Thursday, May 03, 2012

Writers, assemble! against the nefarious threat of EMPTY WORDS

The useless and the pretentious: disposable words

What’s the greatest threat to clear communication today?

It’s not using “lay” instead of “lie” (“Lay your shield here, Captain America, next to Mjolnir, mine enchanted hammer, as we lie down for a moment’s respite” is correct).

“Just between you and me, Natasha,
not everything on the Hulk grows
proportionally” is correct.
And it’s not writing “between you and I.”

The biggest problem: empty words. When we throw empty words at a communications challenge, it’s like Iron Man with dead Evereadies, or Hawkeye shooting duds.

Villains love to use lots of empty words to disguise their true intent. So read on, True Believers (nod to Mr. Lee) with some examples and strategies to foil supervillains and their superfluous sophistry.


Empty words

There are two categories of disposable words: those that add no meaning, and those that pretend to have meaning, but blur meaning more than clarify it.

Some words do nothing but take up space and time. High school students use them to pad out their assignments to the required length. Corporate writers and other grown-ups use them to aggrandize their writing.

They're trying to disguise meagre thinking with empty words. Try taking them out. If there is no less information in the document, you don't need those words.

Here are some of the most common:

In light of this — see what happens when you delete this phrase.
“In light of this incoming flaming ball of wreckage, we need to get out of here!”

In the month of — Correct me if I’m wrong, but “September” is not anything but a month. And writing “during August” will not make anyone wonder if you mean Mariska Hargitay’s son.

Similarly, "in the State of Ohio" – what is Ohio other than a state? And trust me, you don't have to tell readers that Nova Scotia is a province. They'll know. And don’t you dare write “twelve in number.”

“Note that I am wearing the latest
Stark Industries Iron Bra.”
 Note that / It is to be noted that — just get to the information.

In a nutshell — If you're trying to summarize, why extend the length of your document?

At the end of the day — Not only does this phrase do nothing but add to the word count, Ricky Gervais says it. Do you want to sound like Ricky Gervais?

The information that you requested is below — Your readers will figure that out.

Undertaking to do the following — How about just “undertaking” or better yet, “doing X.” Drop the “following” bit and tell us what you’re doing. Or, you’re not really doing anything? You’re not hiding it well.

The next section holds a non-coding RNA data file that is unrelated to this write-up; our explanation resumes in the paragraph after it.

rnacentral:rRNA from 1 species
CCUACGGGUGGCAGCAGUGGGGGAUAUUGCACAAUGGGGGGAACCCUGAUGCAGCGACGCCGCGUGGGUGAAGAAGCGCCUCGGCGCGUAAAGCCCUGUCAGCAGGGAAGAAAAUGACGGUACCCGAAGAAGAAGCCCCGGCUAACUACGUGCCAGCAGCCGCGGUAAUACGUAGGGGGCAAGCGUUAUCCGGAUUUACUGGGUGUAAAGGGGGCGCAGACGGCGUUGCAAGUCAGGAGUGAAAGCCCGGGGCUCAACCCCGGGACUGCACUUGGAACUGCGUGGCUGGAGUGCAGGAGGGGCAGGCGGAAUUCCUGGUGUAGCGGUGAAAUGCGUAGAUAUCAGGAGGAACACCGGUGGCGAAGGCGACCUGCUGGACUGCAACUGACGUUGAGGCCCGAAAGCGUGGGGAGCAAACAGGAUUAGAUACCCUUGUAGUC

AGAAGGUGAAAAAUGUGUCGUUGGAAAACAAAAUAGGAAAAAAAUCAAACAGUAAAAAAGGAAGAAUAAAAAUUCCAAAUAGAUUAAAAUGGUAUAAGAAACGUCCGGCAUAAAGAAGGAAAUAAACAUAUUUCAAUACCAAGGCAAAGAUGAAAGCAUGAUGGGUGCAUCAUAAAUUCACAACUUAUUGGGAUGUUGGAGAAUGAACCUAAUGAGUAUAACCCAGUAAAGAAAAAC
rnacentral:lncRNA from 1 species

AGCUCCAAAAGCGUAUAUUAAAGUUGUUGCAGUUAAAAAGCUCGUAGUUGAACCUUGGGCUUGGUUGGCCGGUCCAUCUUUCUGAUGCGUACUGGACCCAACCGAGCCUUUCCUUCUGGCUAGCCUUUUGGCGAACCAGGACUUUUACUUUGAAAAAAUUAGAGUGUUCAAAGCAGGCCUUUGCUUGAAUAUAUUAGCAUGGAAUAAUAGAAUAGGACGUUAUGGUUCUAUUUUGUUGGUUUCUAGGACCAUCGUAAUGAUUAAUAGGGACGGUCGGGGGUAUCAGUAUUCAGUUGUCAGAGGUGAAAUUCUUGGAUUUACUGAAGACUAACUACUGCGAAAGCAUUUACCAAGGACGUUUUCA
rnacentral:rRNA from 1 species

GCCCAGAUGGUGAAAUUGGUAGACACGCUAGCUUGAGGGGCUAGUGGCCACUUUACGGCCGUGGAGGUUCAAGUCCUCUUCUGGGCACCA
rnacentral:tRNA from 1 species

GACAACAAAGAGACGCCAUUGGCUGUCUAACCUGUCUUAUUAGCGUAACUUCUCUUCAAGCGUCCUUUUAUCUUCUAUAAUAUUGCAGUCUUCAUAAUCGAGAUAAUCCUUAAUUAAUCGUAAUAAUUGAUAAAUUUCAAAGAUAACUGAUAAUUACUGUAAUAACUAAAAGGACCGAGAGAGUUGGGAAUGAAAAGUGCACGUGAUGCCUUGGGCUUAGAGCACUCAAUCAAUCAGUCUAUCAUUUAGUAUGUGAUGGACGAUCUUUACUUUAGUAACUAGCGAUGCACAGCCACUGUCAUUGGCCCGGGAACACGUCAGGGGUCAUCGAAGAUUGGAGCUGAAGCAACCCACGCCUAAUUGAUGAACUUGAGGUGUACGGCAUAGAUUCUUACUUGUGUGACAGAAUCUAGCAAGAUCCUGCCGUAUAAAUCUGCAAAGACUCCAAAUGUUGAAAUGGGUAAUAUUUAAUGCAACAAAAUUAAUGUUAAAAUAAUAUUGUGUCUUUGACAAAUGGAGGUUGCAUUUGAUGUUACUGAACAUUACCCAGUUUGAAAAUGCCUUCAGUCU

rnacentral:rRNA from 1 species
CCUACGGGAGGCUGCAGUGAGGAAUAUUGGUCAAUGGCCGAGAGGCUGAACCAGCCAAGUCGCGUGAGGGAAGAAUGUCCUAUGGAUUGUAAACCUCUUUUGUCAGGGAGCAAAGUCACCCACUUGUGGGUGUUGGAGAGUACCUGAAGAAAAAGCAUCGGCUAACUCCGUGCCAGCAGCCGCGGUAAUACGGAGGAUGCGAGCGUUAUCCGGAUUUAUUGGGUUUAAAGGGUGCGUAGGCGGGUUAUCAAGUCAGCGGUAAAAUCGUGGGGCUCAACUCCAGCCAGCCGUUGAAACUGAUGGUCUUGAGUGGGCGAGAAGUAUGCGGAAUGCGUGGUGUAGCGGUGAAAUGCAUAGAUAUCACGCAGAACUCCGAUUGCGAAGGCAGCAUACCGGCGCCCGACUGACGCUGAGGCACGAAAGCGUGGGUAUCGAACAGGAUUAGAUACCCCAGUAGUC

Phrases from the Trickster God

Worse are the phrases that pretend to add meaning, but actually make communications less clear. These are harder to fix, because you can't just drop them. To make the message clearer, you have to add specific information.

Some examples:

"On the ground, there sure is a lot of debris."
On the ground — This supposedly means "in action," or where things matter. It sounds significant because it brings to mind the idea of soldiers fighting a battle, and what the writer is writing about will be something concrete that will help them. But the words are still vague. What ground? Where? If you mean you will bring more ammunition for the soldiers, say that.

As such – a linking phrase, but it’s often misused.

Consider this example: “A stable IT system depends on the ability of its users to make informed decisions, particularly when adding functionality. As such, we are proposing the following changes."

"As such" is a linking phrase, but it doesn't belong here. "Therefore" is the right word. Don't use phrases just because you once heard a smart person use it. You're smart; use your own words.

Issue – Do you mean “problem,” “challenge” or “edition”? “I have issues with that option.” In other words, something makes you uncomfortable, right? How uncomfortable? And is it a problem for just you, or for me, too?

S.H.I.E.L.D.'s flying platform always provides
a high-level perspective for those high-level
High-level – "High-level objectives" or "a high-level perspective" is just a fancy way of saying you're going to be vague. On the other hand, if you assign high-level objectives to me, just about anything I do will be satisfactory.

Areas of priorities – Another example of telegraphing to the reader that you’re going to be vague. You won’t list the priorities, just which general region they’re in. Remember, anytime you write about "area," you're being vague.

Keep it simple, right?

Do more than that. Think deeper. Make certain your message is clear in your own mind, that there is no vagueness. If your message can be interpreted in two ways, half of your readers will get it wrong. And whose fault will that be?

Loki’s. Right.


  1. If you removed all the above phrases from English forms they would be blank. (Mind you,) that would be a lot better.

  2. I'm all for simplicity. In the corporate world, I constantly had to fight for getting to the point in communication while the mucky-mucks were busy trying to fluff things up. Interesting post, Scott. Thanks.

  3. I find in my first draft I do these too much, but usually take them out when editing. It seems like it is how we think,b ut doesn't sound good in writing.

  4. The phrase "undertaking to do the following" makes me cringe!

    1. Honest to Odin, I did NOT make that up - I found it in an actual corporate document.

  5. Anonymous7:28 PM

    In the State of Ohio may have meaning. You could be in the Ohio river.....